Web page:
With stay-at-home orders still in place in many states, and many senior living communities closed to the general public, public health structural pests such as bedbugs, roaches and rodents are proliferating because of increased accessibility to their preferred food sources. All of these contribute to worsening allergic asthma symptoms and related breathing complications, which may lead to more severe cases of COVID-19 in older adults, who have a mortality rate five times younger people with asthma.
Although pest control has been deemed an essential service by Homeland Security and the vast majority of states during the COVID-19 pandemic, concerns over maintaining social distancing and possible exposure to the coronavirus has significantly slowed, or stopped, treatments for these internal structural pests. This has created a fertile breeding ground for bedbugs, roaches and rodents, especially in senior living environs.
There is a need to strike the “right” balance between preserving public health through preventive and focused pest control and not causing undue exposure risk to senior living residents during the COVID-19 pandemic.
Bedbugs require frequent blood meals to grow into adulthood and reproduce. Within several months, one pregnant female can result in more than 30,000 bedbugs. If left unaddressed, bedbugs will spread throughout a community, affecting the lives of all co-residents.
Bedbugs also prefer to feed while being undisturbed — for example, when people are sleeping or resting for extended periods on a couch, and while watching TV. Stay-at-home social behavior has provided plenty of opportunities for bedbugs to feed. Sadly, those affected by the coronavirus who are too sick to get out of bed provide the ideal bedbug victim. Resulting bites, when repeatedly scratched, can lead to infections that further complicate the condition of the person.
So what can you do?
As senior living communities enhance their disinfection efforts, consider including building-wide bedbug detection and treatment wherever necessary and instituting preventive strategies. Taking proactive steps now to prevent bedbugs will improve the quality of life for residents and staff members and create great savings down the road.
Rodents and roaches
Rodent activity is on the uptick throughout the country. Increased food storage, food waste and delayed garbage removal provide ample food sources for these pests to grow quickly in number. National experts in the control of rodents note that, as quarantines continue and restaurants remain closed in some areas, rodent activity is likely to rise in many environments, including senior housing. For the same reasons, the frequency of roach infestations are increasing. Untreated, in three to four months, a roach population can multiply by more than 600 times and will continue to expand exponentially without periodic pest control maintenance and proper cleaning procedures.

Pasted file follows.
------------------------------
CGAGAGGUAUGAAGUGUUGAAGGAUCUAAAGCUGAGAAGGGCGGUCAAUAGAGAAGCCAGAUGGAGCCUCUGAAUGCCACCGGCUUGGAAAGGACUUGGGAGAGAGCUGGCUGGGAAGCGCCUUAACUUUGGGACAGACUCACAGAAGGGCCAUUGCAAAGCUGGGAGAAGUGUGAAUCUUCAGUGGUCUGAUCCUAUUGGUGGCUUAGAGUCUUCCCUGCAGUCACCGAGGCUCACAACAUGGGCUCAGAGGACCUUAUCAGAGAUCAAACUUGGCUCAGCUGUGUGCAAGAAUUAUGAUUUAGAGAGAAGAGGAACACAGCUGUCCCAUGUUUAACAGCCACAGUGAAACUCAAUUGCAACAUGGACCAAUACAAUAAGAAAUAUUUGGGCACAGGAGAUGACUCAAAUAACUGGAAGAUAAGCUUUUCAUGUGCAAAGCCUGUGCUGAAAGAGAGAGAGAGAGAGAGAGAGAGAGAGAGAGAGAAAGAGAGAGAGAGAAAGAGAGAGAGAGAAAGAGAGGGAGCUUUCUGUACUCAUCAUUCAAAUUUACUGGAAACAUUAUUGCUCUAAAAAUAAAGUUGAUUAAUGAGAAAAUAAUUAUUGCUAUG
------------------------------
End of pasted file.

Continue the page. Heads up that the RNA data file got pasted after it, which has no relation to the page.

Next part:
Delaying treatment and the implementation of preventive programs has created an explosion of infestations, which dangerously increases the levels of allergens for residents subject to asthma and related allergies, increasing health problems, psychological distress and disruptions caused by these pests.
If pest management professionals are not engaged to control these public health pests, then some residents may resort to “do-it-yourself” pest control, including the improper use of household chemicals that are ineffective and often dangerous. Many of these chemicals are highly flammable and can compromise those with breathing difficulties, and some treatments actually may enhance the resistance of these pests to traditional chemical treatments, making treatment less effective and more time-consuming.
In trying to control the delicate balance between the short-term needs of preventing the spread of COVID-19 and securing public safety through responsible pest control, the unintended hazards of deferring treatments for public health pests must be recognized. Even in the short- and medium term, adopting preventive strategies now, using well-documented integrated pest management-based protocols, will reduce the need for contact time between residents and pest management service providers by 50% to 65%.
And let’s remember, pest management professionals are just that, professionals. Using well-established COVID-19 hygiene guidelines to treat senior living communities while implementing preventive programs will significantly reduce the problems caused by these public health pests.